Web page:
IPaT and GVU are happy to host this lecture by our alum Lena Mamykina. After graduating with her HCC Ph.D. in 2009, Lena joined the faculty in the Columbia Medical School.
Date and Time: Thursday, March 8. 1:30pm
Location: GVU Cafe (2nd floor TSRB)
IPaT and GVU Invited Lecture:
From personal informatics to personal analytics: using personal data to facilitate self-management of diabetes
Department of Biomedical Informatics
The increasing abundance of personal data related to health and wellness presents new opportunities for discovery and insight and can help individuals learn from their own experiences, as well as from experiences of others. These trends inspired active research in machine learning and data mining; they also present new opportunities for research in interactive systems. There remain many open questions as to how to design interactive solutions that leverage new streams of personal and social data and new data science capabilities to promote self-management of chronic diseases. In my research, I investigate these questions in the context of self-management of type 2 diabetes, and, specifically, nutrition management. In this talk I will discuss several ongoing research initiatives that strive to help individuals make informed choices by reflecting on the past, anticipating the future, and learning from others.
I am an Assistant Professor of Biomedical Informatics in the Department of Biomedical Informatics at Columbia University. My primary research interests reside in the areas of Biomedical Informatics, Human-Computer Interaction, Ubiquitous and Pervasive Computing, and Computer-Supported Collaborative Work.
My broad research interests include individual and collective cognition, sensemaking and problem-solving in the context of health, health care, and health management. My research group, Action Research for Collective Health (ARCH) views health and health management as residing within families, communities, and societies, and as impacted by culture, business, and policy. In ARCH, we develop novel technologies that help individuals to take a proactive stance towards their own health and to change their environment to make healthy and responsible lifestyle accessible to everyone.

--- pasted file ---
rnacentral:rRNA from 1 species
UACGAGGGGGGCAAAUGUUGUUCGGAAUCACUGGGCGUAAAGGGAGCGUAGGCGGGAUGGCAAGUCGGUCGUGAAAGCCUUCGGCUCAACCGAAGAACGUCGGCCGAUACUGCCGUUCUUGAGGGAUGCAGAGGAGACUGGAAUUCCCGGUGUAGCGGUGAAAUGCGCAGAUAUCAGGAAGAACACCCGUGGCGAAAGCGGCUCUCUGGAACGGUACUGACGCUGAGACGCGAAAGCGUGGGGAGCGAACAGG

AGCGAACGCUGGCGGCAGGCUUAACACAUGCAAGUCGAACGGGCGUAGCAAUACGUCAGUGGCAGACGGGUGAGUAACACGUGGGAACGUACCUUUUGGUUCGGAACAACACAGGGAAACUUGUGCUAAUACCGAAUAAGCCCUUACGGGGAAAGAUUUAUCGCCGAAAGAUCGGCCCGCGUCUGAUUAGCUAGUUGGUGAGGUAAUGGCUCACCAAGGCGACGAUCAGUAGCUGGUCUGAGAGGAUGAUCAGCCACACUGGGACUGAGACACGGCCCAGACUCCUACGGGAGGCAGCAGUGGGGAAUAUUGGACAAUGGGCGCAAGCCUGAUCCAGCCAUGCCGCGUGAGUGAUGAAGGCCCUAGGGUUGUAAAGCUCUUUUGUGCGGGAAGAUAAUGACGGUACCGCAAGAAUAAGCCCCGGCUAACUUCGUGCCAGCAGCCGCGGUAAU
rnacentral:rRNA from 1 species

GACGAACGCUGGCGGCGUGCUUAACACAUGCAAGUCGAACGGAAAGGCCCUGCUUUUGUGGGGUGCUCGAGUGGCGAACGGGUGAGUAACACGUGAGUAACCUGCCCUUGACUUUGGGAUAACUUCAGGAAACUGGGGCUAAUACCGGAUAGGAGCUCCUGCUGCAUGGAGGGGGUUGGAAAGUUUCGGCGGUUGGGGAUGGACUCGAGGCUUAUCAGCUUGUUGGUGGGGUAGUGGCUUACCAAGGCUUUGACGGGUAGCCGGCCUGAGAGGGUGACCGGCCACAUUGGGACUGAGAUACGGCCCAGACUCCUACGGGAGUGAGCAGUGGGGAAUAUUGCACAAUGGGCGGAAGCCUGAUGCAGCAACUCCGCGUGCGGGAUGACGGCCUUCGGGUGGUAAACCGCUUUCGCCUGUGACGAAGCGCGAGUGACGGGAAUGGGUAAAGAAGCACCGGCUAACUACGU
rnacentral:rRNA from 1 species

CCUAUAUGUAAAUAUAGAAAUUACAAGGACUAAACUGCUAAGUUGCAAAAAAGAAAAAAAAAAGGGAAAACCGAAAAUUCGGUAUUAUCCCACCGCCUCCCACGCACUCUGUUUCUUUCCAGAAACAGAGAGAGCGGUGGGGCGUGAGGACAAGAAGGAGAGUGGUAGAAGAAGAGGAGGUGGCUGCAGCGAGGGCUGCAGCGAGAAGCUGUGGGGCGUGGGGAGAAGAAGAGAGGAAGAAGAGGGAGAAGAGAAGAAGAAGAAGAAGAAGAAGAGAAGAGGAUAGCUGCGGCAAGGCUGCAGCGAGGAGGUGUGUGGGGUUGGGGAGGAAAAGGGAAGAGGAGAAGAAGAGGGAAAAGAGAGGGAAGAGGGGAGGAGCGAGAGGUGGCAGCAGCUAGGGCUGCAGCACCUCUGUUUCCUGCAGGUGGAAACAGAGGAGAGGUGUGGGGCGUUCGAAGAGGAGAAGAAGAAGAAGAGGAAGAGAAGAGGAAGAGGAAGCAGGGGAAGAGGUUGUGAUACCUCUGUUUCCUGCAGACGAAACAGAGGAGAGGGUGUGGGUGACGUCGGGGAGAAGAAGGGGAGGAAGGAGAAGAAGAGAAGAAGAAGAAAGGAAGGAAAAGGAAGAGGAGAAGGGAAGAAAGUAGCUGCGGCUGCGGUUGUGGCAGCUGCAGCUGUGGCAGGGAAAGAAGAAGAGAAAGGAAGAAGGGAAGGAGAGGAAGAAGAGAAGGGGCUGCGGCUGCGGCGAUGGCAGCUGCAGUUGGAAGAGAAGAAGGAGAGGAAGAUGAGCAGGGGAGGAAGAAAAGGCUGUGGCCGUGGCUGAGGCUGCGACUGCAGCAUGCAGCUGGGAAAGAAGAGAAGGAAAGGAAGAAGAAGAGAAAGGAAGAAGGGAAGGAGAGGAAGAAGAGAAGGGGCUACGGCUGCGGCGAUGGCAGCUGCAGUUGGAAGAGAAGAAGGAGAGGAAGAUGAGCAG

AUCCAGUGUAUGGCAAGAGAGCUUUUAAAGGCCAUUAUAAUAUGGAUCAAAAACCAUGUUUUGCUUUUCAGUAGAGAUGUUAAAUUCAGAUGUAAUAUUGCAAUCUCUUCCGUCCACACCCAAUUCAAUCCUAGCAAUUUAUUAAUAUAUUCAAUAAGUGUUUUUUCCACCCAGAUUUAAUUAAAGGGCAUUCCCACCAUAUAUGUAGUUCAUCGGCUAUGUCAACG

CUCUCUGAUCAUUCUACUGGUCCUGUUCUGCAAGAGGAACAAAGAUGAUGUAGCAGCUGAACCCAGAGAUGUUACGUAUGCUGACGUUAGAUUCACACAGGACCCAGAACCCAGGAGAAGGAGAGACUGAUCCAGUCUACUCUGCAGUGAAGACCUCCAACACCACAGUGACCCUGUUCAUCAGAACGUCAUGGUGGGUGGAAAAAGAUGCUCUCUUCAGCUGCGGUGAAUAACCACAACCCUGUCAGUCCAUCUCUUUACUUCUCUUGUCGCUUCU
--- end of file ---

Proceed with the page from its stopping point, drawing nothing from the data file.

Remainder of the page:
At the same time, I am interested in the functioning of the healthcare system and in the ways it adapts to the changing demands and expectations of the society. I study how clinicians collect and use information to make decisions in regards to patient care, how clinicians on patient care teams communicate and coordinate their work and make decisions together, how clinical communities share knowledge and expertise, and how computing technologies facilitate or inhibit these processes.
I received my B.S. in Computer Science from the Ukrainian State University of Maritime Technology, M.S. in Human Computer Interaction from the Georgia Institute of Technology, Ph.D. in Human-Centered Computing from the Georgia Institute of Technology, and M.A. in Biomedical Informatics from Columbia University. My dissertation work at Georgia Tech focused on facilitating reflection and learning in context of diabetes management with mobile and ubiquitous computing. Prior to joining DBMI as a faculty member, I completed a National Library of Medicine Post-Doctoral Fellowship at the department.